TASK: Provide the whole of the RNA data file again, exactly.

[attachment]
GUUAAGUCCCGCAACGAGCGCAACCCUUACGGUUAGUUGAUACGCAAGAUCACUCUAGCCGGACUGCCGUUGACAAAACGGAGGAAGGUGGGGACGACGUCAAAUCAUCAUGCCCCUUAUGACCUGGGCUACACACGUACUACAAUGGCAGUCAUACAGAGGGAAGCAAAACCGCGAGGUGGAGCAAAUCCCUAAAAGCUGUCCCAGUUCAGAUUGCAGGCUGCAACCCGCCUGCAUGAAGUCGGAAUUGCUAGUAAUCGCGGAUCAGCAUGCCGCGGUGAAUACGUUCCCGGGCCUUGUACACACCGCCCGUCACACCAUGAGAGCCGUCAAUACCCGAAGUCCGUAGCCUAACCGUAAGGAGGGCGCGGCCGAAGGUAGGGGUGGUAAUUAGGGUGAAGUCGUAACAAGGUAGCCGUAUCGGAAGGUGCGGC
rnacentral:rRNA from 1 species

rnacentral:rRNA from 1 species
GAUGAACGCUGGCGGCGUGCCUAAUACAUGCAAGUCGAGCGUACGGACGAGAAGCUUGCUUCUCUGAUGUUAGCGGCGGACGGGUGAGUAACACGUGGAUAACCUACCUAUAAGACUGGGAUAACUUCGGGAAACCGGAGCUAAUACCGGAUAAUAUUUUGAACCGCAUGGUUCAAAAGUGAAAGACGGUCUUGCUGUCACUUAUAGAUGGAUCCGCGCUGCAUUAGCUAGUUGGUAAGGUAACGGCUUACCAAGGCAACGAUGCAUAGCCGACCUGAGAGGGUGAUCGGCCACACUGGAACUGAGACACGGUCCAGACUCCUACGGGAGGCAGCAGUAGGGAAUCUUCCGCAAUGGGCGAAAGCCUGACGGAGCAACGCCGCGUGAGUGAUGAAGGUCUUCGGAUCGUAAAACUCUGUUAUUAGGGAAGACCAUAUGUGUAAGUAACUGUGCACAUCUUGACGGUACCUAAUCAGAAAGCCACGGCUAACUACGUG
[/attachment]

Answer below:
GUUAAGUCCCGCAACGAGCGCAACCCUUACGGUUAGUUGAUACGCAAGAUCACUCUAGCCGGACUGCCGUUGACAAAACGGAGGAAGGUGGGGACGACGUCAAAUCAUCAUGCCCCUUAUGACCUGGGCUACACACGUACUACAAUGGCAGUCAUACAGAGGGAAGCAAAACCGCGAGGUGGAGCAAAUCCCUAAAAGCUGUCCCAGUUCAGAUUGCAGGCUGCAACCCGCCUGCAUGAAGUCGGAAUUGCUAGUAAUCGCGGAUCAGCAUGCCGCGGUGAAUACGUUCCCGGGCCUUGUACACACCGCCCGUCACACCAUGAGAGCCGUCAAUACCCGAAGUCCGUAGCCUAACCGUAAGGAGGGCGCGGCCGAAGGUAGGGGUGGUAAUUAGGGUGAAGUCGUAACAAGGUAGCCGUAUCGGAAGGUGCGGC
rnacentral:rRNA from 1 species

rnacentral:rRNA from 1 species
GAUGAACGCUGGCGGCGUGCCUAAUACAUGCAAGUCGAGCGUACGGACGAGAAGCUUGCUUCUCUGAUGUUAGCGGCGGACGGGUGAGUAACACGUGGAUAACCUACCUAUAAGACUGGGAUAACUUCGGGAAACCGGAGCUAAUACCGGAUAAUAUUUUGAACCGCAUGGUUCAAAAGUGAAAGACGGUCUUGCUGUCACUUAUAGAUGGAUCCGCGCUGCAUUAGCUAGUUGGUAAGGUAACGGCUUACCAAGGCAACGAUGCAUAGCCGACCUGAGAGGGUGAUCGGCCACACUGGAACUGAGACACGGUCCAGACUCCUACGGGAGGCAGCAGUAGGGAAUCUUCCGCAAUGGGCGAAAGCCUGACGGAGCAACGCCGCGUGAGUGAUGAAGGUCUUCGGAUCGUAAAACUCUGUUAUUAGGGAAGACCAUAUGUGUAAGUAACUGUGCACAUCUUGACGGUACCUAAUCAGAAAGCCACGGCUAACUACGUG